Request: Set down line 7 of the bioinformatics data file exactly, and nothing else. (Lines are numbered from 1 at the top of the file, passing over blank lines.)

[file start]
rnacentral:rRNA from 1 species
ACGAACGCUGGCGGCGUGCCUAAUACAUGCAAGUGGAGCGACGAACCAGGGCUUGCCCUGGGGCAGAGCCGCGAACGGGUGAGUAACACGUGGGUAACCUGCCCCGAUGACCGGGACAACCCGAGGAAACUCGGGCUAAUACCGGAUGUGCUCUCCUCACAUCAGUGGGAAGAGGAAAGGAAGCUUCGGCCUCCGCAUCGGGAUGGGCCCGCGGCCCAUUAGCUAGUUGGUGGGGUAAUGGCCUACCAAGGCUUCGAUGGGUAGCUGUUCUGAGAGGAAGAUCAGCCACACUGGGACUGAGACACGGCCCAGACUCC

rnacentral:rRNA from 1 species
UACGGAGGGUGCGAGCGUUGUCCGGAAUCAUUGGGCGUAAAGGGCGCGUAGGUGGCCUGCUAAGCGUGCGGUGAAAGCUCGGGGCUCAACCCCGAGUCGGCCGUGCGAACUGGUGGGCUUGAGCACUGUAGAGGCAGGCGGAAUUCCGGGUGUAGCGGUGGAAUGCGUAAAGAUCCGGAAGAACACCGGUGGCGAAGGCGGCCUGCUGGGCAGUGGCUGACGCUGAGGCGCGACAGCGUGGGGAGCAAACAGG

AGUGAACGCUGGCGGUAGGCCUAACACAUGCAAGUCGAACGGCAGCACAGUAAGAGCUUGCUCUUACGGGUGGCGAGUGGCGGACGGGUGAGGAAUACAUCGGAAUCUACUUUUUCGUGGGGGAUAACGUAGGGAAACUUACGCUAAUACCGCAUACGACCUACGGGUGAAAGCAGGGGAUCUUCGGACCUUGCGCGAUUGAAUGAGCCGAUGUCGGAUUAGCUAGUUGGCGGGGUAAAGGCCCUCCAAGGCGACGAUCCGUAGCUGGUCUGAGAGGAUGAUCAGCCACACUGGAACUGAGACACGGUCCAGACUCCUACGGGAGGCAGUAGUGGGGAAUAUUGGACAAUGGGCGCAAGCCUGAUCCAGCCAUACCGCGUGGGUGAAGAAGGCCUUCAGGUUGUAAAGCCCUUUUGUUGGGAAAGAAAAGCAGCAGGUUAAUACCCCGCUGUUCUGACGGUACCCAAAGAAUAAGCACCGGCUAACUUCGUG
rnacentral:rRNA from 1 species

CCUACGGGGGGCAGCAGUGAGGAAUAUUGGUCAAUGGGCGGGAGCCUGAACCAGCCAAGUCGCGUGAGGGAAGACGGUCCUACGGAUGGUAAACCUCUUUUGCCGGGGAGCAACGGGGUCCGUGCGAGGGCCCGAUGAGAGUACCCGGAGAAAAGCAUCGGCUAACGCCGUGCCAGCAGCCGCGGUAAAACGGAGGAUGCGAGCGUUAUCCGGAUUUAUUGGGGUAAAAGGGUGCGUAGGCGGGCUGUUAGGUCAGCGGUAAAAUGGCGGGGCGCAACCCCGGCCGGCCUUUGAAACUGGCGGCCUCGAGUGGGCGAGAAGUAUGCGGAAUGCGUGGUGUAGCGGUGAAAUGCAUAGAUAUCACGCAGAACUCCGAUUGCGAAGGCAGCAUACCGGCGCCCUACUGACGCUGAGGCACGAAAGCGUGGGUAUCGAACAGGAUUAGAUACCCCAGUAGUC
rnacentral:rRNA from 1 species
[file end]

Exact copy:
CCUACGGGGGGCAGCAGUGAGGAAUAUUGGUCAAUGGGCGGGAGCCUGAACCAGCCAAGUCGCGUGAGGGAAGACGGUCCUACGGAUGGUAAACCUCUUUUGCCGGGGAGCAACGGGGUCCGUGCGAGGGCCCGAUGAGAGUACCCGGAGAAAAGCAUCGGCUAACGCCGUGCCAGCAGCCGCGGUAAAACGGAGGAUGCGAGCGUUAUCCGGAUUUAUUGGGGUAAAAGGGUGCGUAGGCGGGCUGUUAGGUCAGCGGUAAAAUGGCGGGGCGCAACCCCGGCCGGCCUUUGAAACUGGCGGCCUCGAGUGGGCGAGAAGUAUGCGGAAUGCGUGGUGUAGCGGUGAAAUGCAUAGAUAUCACGCAGAACUCCGAUUGCGAAGGCAGCAUACCGGCGCCCUACUGACGCUGAGGCACGAAAGCGUGGGUAUCGAACAGGAUUAGAUACCCCAGUAGUC